How to calculate the wavelength of light coming from 1 light year away

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Summary:

How to calculate the wavelength of light coming from 1 light year away.
Is there any formula for it.

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How to calculate the wavelength of light coming from 1 light year away.
Is there any formula for it.

Please help.
 

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  • #2
phinds
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Summary:: How to calculate the wavelength of light coming from 1 light year away.
Is there any formula for it.

How to calculate the wavelength of light coming from 1 light year away.
Is there any formula for it.

Please help.
I think you have a fundamental misunderstanding of light. "Light" is an English language term which is used either for (1) any frequency of electromagnetic radiation or for (2) that range of the electromagnetic spectrum which is in the visible by humans.

The wavelengths range from near zero to extremely high. If there is no proper motion between you and the 1 light year distant object, then the wavelength is just a measure of what in English is called the "color". If there IS proper motion then there can be red or blue shifting so that the wavelength you see is not exactly that emitted.
 
  • #3
sophiecentaur
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Are you talking about the Expansion of the Universe and the red shift here? A quick buzz through this wiki link will tell you what you need to know and the context.
The equation v = H0D tells you only the average speed of recession v for galaxies at distance D, due to the actual expansion of the space. That is only a ballpark figure because there will be motion of Earth relative to each galaxy.
If you measure the frequency of a spectral line in light from a galaxy, you can use the Doppler Formula to obtain v from the frequency shift relative to the spectrum of the elements on Earth.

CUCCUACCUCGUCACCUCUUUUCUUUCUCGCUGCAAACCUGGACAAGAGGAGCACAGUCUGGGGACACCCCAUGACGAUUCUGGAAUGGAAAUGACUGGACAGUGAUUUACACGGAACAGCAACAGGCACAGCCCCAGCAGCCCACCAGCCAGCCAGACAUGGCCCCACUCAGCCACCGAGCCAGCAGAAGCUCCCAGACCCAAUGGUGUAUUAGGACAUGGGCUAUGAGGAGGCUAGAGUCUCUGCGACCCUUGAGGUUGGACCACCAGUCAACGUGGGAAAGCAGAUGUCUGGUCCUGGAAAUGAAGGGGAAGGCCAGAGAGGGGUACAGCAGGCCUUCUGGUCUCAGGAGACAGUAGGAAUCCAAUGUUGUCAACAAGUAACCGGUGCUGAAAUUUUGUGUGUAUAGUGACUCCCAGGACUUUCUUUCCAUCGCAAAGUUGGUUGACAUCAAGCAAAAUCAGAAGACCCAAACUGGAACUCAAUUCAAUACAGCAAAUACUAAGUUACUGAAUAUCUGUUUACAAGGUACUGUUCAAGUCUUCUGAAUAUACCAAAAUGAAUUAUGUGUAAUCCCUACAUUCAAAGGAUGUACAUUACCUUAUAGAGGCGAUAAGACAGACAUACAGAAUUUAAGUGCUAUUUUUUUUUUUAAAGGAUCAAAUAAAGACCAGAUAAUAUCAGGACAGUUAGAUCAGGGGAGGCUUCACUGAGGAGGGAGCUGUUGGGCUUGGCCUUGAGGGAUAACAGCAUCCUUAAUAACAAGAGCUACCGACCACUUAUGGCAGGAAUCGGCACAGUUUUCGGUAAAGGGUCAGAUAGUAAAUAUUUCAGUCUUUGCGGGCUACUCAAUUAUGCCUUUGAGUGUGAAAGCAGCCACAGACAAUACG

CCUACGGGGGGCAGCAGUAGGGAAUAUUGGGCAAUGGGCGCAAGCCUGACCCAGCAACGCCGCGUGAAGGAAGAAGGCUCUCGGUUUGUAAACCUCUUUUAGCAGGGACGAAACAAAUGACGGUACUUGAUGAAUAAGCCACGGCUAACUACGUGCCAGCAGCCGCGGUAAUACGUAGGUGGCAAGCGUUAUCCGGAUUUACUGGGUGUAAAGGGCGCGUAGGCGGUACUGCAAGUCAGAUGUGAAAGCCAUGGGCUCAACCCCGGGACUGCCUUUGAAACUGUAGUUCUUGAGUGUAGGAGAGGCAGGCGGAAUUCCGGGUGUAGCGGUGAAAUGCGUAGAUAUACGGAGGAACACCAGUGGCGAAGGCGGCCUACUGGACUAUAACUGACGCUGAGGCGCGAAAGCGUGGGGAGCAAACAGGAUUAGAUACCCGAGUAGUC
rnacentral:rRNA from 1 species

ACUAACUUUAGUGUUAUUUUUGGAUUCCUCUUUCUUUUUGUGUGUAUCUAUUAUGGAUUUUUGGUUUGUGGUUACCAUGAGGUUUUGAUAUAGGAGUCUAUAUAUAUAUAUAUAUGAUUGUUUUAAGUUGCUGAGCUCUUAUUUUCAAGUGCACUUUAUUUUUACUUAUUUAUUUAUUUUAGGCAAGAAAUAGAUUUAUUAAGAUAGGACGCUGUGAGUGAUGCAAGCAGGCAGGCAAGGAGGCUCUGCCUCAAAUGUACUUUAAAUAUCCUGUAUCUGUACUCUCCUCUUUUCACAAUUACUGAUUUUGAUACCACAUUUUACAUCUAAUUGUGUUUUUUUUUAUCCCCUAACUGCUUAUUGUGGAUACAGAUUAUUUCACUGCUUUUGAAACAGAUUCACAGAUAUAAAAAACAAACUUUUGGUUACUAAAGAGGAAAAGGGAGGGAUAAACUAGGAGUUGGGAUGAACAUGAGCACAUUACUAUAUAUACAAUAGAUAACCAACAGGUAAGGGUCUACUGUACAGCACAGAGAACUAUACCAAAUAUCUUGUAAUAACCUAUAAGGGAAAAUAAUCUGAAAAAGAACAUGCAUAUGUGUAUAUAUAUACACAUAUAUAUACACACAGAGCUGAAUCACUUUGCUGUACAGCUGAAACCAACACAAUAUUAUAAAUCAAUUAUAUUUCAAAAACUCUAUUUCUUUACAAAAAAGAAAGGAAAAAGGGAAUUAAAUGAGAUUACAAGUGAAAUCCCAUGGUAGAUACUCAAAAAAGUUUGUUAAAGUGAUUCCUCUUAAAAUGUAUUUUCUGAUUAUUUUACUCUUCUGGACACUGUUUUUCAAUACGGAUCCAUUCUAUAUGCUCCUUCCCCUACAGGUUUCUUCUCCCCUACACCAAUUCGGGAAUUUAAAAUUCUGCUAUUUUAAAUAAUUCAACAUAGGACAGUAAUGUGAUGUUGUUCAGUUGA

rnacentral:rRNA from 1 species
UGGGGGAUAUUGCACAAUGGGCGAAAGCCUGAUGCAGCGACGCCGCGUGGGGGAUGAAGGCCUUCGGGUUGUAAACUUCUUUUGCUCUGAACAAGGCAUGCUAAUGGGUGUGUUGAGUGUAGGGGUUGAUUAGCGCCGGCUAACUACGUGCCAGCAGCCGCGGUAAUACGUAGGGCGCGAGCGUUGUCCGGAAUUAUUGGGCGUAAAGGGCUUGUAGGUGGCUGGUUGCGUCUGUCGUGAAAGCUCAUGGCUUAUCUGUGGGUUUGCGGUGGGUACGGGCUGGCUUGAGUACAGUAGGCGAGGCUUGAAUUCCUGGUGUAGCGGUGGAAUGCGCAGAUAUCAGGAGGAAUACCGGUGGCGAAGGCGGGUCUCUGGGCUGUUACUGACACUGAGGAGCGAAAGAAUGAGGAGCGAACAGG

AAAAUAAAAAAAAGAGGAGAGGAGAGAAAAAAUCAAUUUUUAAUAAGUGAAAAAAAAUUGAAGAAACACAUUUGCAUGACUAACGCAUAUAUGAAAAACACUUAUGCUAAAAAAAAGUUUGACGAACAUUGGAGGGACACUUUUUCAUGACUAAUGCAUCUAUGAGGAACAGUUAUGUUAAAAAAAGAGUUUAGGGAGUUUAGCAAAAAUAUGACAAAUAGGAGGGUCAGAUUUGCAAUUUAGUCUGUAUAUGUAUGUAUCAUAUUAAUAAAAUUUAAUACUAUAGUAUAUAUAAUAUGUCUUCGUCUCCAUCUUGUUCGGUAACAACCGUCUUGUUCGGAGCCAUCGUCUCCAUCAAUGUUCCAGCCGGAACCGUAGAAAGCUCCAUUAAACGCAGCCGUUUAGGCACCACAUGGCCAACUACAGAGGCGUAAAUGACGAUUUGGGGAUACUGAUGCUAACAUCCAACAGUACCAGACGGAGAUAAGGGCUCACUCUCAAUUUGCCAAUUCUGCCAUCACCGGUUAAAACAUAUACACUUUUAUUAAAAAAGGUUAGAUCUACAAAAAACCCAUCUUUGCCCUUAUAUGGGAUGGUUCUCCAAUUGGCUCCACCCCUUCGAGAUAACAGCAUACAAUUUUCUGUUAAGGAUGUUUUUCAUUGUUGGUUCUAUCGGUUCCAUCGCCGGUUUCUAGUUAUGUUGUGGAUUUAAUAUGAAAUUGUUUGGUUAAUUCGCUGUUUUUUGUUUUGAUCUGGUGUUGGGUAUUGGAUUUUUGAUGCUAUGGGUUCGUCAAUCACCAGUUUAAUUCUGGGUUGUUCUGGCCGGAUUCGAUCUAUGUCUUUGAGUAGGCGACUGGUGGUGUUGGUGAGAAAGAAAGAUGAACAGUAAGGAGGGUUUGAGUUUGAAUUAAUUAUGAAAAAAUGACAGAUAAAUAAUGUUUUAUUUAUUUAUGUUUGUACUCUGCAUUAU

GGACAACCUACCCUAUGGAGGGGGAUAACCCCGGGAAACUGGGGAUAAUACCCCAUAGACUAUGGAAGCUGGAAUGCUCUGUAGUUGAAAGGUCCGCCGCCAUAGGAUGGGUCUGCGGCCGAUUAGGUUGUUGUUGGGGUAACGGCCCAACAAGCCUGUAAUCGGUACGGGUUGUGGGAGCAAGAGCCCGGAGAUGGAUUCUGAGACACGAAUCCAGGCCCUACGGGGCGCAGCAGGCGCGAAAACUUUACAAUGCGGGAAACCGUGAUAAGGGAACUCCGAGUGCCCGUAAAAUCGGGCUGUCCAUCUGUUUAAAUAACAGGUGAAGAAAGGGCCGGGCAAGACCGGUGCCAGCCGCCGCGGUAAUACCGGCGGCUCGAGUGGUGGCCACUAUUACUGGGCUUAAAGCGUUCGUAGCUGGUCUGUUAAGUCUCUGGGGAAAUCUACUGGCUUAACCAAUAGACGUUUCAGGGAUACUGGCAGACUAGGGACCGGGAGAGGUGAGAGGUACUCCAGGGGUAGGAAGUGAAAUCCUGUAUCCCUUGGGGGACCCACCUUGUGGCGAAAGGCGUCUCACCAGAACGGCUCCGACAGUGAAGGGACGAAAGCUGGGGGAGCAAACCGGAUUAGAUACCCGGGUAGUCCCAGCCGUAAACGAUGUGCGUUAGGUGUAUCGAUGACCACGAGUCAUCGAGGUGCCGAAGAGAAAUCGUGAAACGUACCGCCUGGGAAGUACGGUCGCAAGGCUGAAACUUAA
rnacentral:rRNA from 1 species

The Hubble expansion formula doesn't apply to nearby stars - in our own galaxy - because they are constrained by the local gravitational field within the galaxy. H0 can only be used for galaxies because they are considered 'independent' of the mass of our galaxy. But you can tell the relative motion between a star and Earth by measuring the frequency shift (red or blue, depending)

It's down to what you actually describe as a galaxy (see this link and others) but the sort of distance between us and the nearest dense groups of stars is tens of thousands of light years and small galaxies in our local cluster are much further away than that. Hubble definitely can't tell you anything about the likely frequency shift at 1LY.
 
  • #4
Ibix
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Hubble definitely can't tell you anything about the likely frequency shift at 1LY.
More than that, there is no effect from the expansion of the universe at this scale. Stars in a galaxy (or even the local group of galaxies) are gravitationally bound and are not receding due from us as more distant objects are. The relative motion of the star in its path around the galaxy is the only source of a Doppler shift.
 
  • #5
phinds
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More than that, there is no effect from the expansion of the universe at this scale. Stars in a galaxy (or even the local group of galaxies) are gravitationally bound and are not receding due from us as more distant objects are. The relative motion of the star in its path around the galaxy is the only source of a Doppler shift.
Which is why I responded the way I did, given that he was talking about only a 1 LY distance.
 

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